Types of British nationality

7. British protected person

You would have become a British protected person on 1 January 1983 if you:

  • were a citizen or national of Brunei
  • were already a British protected person
  • would otherwise have been born stateless (without a country) in the UK or an overseas territory because, when you were born, one of your parents was a British protected person

In most cases you would have lost your British protected person status if:

  • you gained any other nationality or citizenship
  • the territory you were connected with became independent and you became a citizen of that country

Rights as a British protected person

You can:

  • hold a British passport
  • get consular assistance and protection from UK diplomatic posts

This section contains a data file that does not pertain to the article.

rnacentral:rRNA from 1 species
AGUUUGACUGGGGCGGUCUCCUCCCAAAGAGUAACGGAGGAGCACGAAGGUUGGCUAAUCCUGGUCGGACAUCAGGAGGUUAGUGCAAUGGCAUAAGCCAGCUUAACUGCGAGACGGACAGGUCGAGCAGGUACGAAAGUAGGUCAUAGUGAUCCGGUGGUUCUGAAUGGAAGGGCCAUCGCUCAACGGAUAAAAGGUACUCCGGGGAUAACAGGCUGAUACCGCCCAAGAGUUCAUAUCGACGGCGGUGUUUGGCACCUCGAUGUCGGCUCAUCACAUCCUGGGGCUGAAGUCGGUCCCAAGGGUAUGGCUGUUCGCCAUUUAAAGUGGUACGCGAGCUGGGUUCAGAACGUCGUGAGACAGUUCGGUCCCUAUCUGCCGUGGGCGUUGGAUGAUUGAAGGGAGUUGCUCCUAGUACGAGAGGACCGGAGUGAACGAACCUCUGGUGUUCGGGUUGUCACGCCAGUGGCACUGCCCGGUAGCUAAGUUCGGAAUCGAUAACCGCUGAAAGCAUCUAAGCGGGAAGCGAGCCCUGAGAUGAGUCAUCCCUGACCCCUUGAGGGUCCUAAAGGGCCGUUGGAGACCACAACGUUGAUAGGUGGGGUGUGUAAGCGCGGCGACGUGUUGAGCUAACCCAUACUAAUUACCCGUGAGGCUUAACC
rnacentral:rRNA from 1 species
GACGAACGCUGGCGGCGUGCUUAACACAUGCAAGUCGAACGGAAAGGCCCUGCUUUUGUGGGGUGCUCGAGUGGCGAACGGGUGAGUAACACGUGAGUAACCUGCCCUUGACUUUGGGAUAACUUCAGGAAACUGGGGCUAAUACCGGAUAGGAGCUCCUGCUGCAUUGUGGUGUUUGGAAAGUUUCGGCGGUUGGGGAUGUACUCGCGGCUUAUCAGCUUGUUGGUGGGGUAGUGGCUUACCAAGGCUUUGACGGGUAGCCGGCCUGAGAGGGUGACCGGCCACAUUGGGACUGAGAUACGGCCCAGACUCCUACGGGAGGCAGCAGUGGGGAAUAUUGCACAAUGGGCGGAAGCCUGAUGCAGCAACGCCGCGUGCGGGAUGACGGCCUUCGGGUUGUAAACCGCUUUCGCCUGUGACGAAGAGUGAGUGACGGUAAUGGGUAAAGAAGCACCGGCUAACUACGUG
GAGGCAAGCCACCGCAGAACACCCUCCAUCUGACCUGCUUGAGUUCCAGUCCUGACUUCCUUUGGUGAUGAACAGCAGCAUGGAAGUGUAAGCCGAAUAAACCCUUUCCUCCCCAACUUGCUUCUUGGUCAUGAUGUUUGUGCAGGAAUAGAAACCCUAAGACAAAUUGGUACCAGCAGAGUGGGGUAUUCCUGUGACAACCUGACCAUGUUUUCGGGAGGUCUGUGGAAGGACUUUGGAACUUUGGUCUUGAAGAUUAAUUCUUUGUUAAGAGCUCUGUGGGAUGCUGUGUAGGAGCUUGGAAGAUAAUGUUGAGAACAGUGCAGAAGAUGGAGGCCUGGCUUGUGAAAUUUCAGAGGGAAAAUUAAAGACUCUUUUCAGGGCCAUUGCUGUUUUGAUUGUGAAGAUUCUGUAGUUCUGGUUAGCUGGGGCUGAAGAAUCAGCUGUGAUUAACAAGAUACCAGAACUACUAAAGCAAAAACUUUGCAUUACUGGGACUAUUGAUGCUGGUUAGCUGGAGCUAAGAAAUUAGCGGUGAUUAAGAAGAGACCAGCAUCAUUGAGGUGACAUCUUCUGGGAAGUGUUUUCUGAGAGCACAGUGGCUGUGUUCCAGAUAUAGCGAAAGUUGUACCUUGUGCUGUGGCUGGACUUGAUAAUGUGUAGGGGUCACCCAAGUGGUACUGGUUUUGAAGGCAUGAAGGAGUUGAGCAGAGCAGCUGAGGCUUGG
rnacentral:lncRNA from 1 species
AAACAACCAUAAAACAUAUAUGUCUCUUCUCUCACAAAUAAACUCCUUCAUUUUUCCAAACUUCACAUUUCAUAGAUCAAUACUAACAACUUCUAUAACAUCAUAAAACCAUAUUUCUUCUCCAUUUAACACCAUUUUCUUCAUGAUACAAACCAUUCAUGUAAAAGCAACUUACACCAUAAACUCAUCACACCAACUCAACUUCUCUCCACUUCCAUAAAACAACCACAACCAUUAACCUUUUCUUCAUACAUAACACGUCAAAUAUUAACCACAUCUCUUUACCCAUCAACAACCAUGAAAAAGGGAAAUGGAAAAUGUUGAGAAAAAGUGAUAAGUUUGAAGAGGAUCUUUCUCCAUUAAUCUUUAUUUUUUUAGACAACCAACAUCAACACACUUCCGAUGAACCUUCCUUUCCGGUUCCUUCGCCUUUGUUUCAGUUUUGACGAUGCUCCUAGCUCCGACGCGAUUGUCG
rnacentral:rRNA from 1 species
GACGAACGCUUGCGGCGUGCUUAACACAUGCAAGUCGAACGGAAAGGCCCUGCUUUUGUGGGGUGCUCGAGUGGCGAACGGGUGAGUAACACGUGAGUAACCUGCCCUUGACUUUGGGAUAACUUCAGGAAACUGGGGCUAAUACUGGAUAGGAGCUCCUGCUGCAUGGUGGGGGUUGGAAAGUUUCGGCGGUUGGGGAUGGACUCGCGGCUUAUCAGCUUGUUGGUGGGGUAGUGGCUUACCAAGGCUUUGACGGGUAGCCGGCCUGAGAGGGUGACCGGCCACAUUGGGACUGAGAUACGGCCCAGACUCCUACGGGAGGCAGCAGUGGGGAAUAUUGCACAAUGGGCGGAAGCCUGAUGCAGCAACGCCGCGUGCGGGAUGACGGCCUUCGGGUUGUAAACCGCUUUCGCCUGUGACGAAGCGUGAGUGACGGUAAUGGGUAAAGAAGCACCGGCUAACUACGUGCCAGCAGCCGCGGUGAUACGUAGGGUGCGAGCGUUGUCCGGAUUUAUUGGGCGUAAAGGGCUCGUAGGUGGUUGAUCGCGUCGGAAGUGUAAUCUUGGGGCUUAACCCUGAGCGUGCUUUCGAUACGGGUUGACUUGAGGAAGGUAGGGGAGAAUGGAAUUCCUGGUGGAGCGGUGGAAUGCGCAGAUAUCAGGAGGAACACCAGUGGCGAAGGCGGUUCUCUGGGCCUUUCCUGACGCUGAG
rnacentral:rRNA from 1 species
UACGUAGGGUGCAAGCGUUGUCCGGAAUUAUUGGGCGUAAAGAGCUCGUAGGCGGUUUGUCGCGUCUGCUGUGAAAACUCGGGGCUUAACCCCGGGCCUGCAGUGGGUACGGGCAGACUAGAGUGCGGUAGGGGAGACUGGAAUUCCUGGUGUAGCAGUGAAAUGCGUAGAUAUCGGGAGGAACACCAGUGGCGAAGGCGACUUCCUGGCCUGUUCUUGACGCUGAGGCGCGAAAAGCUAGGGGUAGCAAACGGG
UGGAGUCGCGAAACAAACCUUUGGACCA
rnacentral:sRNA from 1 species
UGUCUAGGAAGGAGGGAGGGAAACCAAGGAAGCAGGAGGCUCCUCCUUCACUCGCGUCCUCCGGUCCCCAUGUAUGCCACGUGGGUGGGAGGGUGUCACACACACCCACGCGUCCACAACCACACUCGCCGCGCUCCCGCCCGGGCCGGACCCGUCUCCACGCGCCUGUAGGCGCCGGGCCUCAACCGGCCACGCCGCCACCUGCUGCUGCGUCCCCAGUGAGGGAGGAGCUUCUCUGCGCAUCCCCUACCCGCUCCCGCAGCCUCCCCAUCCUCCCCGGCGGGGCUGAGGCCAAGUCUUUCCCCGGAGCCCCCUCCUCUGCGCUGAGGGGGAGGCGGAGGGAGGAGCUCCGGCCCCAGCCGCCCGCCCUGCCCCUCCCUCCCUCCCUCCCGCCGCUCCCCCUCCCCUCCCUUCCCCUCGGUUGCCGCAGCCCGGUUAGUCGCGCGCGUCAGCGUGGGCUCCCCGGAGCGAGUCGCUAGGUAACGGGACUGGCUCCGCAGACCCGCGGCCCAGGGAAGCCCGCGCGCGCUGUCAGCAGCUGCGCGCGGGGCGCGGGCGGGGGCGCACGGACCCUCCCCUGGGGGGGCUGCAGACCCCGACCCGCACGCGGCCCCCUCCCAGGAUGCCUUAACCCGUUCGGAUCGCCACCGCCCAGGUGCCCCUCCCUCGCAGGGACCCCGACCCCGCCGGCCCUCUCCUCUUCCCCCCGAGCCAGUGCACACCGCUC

However, you:

  • are subject to immigration controls and don’t have the automatic right to live or work in the UK
  • aren’t considered a UK national by the European Union (EU)

Become a British protected person

You may be able to register as a British protected person only if all the following apply:

  • you’re stateless and always have been
  • you were born in the UK or an overseas territory
  • your father or mother was a British protected person when you were born

Contact UK Visas and Immigration (UKVI) if you think you might qualify as a British protected person.

British citizenship

You may be able to register as a British citizen in very limited circumstances if you meet certain conditions.